The patterns don't always hold. Bob Dole comes from Kansas and is a small-d democrat to his core, but most of his political instincts are Eastern. The elder George Bush voted in Texas but lived most of his life in New England and Washington, D.C., and it shows. John F. Kennedy was Eastern through and through, but his politics showed a Western optimism: cut taxes and revenues will rise; promise that we will walk on the moon, then make it happen. Today, New Yorker Rudy Giuliani is one of the nation's most Western politicians -- like a New Yorker of the last century who loved the West (the West loved him back) and had a Giuliani-like executive temperament: Theodore Roosevelt.

And the regional breakdowns are more complex than first appears. The Pacific Coast votes with the Northeast in national elections, though it still has a different political feel: One can hardly imagine Arnold Schwarzenegger, a classic Westerner, rocketing to the top of Massachusetts politics. So, too, the South -- including its Eastern seaboard -- usually lines up with the West in national elections, a pattern that goes back to William Jennings Bryan, and maybe to Andrew Jackson.

But the West dominates this West-South political alliance, at least in presidential politics. The current President Bush is a good example. Though he is sometimes called a Southerner, Bush's orientation is more West than South. White Southerners (the modifier is important) are instinctive pessimists, perhaps because their ancestors lost a great war. They are rooted, not just to the land but to one particular piece of it, in a way Westerners aren't. Even their religion is different, more respectful of church authorities. Bush's Methodism is fiercely independent; it draws more inspiration from the Pope than from his own church's bishops. And Bush is Reagan-like in his fondness for taking big chances, rolling the dice.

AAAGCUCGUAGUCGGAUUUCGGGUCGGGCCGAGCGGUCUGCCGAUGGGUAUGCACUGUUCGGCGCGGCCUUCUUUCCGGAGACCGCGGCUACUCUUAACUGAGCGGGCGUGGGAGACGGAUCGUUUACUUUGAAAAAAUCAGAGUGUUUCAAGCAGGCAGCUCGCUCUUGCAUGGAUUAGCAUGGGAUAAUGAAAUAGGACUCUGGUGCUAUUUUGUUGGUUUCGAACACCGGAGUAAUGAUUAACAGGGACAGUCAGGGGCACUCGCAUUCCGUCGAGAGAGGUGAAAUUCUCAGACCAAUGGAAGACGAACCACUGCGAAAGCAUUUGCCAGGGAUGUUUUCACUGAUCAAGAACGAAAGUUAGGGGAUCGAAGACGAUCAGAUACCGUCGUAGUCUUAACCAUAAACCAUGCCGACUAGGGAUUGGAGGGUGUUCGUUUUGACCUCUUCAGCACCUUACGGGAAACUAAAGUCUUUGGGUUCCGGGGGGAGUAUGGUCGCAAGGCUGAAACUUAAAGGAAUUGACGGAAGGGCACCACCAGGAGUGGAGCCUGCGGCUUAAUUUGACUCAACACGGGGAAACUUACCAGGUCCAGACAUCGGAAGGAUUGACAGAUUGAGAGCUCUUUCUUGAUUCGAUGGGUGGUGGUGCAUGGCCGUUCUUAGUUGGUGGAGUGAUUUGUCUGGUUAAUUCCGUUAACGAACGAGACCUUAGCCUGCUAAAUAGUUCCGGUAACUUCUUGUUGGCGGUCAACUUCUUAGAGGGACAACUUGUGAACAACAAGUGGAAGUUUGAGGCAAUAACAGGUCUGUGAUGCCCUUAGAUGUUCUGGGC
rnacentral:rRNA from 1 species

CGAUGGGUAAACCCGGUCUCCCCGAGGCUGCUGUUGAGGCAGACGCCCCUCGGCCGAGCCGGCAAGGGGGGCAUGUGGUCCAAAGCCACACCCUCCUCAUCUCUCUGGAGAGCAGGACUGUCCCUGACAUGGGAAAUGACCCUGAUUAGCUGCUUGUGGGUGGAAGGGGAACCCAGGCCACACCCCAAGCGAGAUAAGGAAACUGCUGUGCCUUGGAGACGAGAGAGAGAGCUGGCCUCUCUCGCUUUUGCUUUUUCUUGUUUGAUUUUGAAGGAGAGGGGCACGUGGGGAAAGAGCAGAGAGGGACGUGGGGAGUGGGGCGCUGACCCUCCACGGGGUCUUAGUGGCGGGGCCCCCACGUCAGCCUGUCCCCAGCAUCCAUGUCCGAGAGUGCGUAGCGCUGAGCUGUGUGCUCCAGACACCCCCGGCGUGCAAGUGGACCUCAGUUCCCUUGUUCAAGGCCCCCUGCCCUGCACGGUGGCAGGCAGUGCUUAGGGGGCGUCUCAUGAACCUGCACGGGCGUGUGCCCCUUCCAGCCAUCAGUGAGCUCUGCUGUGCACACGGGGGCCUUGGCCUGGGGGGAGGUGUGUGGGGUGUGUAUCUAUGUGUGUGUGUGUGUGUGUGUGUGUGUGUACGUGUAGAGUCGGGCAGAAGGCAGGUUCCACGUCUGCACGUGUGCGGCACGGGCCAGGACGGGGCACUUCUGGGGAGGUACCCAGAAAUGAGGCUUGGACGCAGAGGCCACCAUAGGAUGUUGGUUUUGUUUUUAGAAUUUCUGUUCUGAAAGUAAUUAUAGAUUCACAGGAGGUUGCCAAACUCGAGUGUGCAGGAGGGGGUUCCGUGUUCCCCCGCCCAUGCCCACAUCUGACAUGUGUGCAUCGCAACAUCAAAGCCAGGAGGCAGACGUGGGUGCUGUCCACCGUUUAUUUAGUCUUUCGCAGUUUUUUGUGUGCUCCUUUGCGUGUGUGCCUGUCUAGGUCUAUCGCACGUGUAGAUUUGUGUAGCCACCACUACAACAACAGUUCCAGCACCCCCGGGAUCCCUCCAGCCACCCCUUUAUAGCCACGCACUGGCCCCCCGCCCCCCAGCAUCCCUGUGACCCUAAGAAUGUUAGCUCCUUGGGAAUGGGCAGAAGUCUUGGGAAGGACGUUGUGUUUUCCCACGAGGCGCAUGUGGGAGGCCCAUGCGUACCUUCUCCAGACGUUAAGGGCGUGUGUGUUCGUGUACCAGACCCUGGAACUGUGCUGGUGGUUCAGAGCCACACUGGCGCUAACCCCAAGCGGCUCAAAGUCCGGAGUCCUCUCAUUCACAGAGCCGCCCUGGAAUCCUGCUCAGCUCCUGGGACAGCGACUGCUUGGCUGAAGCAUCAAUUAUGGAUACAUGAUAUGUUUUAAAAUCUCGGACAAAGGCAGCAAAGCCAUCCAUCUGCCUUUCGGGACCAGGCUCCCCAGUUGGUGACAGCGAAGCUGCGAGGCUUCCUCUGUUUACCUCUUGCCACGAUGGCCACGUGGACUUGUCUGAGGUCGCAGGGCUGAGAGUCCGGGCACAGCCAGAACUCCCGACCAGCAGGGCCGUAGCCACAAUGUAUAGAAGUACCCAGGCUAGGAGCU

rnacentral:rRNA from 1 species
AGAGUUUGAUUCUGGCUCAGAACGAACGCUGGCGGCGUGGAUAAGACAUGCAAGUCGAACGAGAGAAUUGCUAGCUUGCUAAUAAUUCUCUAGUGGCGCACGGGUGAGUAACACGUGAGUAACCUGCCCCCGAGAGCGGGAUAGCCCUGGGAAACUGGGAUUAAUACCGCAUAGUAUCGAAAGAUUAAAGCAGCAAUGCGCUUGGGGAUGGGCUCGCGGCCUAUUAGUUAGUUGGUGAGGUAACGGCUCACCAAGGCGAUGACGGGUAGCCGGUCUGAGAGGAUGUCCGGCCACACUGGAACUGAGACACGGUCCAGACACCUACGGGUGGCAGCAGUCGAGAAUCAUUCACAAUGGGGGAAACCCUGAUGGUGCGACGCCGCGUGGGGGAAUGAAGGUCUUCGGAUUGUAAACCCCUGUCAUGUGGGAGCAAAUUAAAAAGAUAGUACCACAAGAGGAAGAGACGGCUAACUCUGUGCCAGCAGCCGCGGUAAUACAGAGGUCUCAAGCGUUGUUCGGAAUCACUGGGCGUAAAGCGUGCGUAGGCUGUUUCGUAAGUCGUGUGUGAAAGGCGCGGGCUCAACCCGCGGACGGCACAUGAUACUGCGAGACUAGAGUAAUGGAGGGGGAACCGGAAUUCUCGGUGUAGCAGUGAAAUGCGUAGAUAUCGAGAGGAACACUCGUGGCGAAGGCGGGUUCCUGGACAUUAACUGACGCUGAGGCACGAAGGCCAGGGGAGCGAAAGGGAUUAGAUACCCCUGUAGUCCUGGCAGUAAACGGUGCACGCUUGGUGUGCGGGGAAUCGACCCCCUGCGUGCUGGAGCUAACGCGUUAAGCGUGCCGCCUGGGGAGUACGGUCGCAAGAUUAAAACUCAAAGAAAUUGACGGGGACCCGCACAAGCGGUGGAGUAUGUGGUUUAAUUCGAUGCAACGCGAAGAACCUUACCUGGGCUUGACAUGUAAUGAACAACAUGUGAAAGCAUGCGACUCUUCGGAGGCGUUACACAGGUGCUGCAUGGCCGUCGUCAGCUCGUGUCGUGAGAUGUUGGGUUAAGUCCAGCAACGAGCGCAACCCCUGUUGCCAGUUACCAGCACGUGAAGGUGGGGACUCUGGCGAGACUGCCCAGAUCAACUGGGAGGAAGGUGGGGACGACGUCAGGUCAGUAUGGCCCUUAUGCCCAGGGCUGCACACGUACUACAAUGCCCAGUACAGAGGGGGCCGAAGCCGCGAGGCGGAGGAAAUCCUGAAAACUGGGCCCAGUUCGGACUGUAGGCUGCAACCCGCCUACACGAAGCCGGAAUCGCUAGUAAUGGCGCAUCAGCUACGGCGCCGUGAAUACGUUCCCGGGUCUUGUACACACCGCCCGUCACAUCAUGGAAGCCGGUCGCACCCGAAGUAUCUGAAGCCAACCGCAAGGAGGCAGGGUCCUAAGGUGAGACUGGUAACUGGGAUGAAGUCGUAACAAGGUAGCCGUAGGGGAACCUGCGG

John Kerry, meanwhile, is a classic Easterner. Kerry may not have shaped the Senate during the past twenty years; he does not appear to have had much influence there. But the Senate has shaped him. His outlook on governance is quintessentially legislative -- and quintessentially legal. Legislators, like lawyers (Kerry is both), believe that if you get the process right, if the right people are consulted along the way and the right arguments are made at the right times, good decisions will follow. Executives know better. Sometimes more process only gums up the works. Consultation helps only if those who are consulted give wise advice. The bottom line matters more than what steps one takes to get there. Perhaps Kerry's critique of Bush's approach to terrorism didn't sell because it boiled down to two inconsistent claims about process: Don't consult allies in Afghanistan; that's outsourcing. Consult everyone in the world -- well, everyone in the United Nations -- about Iraq. On the campaign trail, Kerry often said that he "might" have gone to war in Iraq, but that if he had, "I'd have done it right." Meaning, he would have gotten the right process.